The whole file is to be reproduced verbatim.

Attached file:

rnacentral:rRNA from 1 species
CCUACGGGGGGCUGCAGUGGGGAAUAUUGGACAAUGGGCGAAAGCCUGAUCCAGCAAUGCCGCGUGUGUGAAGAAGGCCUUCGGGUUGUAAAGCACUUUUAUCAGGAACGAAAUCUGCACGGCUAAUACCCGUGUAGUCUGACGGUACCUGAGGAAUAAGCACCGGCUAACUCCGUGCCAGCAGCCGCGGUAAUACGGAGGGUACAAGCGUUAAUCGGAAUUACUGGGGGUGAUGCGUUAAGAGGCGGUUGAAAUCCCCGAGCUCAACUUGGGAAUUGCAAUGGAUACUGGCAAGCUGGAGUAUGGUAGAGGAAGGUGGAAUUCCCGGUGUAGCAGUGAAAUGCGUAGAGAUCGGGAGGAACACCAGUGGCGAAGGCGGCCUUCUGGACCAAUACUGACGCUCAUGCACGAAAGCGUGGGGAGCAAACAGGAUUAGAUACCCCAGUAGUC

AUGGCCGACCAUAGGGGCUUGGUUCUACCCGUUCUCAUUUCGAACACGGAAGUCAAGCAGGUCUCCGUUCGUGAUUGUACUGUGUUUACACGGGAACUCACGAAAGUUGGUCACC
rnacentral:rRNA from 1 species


rnacentral:rRNA from 1 species
CCUACGGGGGGCUGCAGUGGGGAAUAUUGGACAAUGGGCGAAAGCCUGAUCCAGCAAUGCCGCGUGUGUGAAGAAGGCCUUCGGGUUGUAAAGCACUUUUAUCAGGAACGAAAUCUGCACGGCUAAUACCCGUGUAGUCUGACGGUACCUGAGGAAUAAGCACCGGCUAACUCCGUGCCAGCAGCCGCGGUAAUACGGAGGGUACAAGCGUUAAUCGGAAUUACUGGGGGUGAUGCGUUAAGAGGCGGUUGAAAUCCCCGAGCUCAACUUGGGAAUUGCAAUGGAUACUGGCAAGCUGGAGUAUGGUAGAGGAAGGUGGAAUUCCCGGUGUAGCAGUGAAAUGCGUAGAGAUCGGGAGGAACACCAGUGGCGAAGGCGGCCUUCUGGACCAAUACUGACGCUCAUGCACGAAAGCGUGGGGAGCAAACAGGAUUAGAUACCCCAGUAGUC

AUGGCCGACCAUAGGGGCUUGGUUCUACCCGUUCUCAUUUCGAACACGGAAGUCAAGCAGGUCUCCGUUCGUGAUUGUACUGUGUUUACACGGGAACUCACGAAAGUUGGUCACC
rnacentral:rRNA from 1 species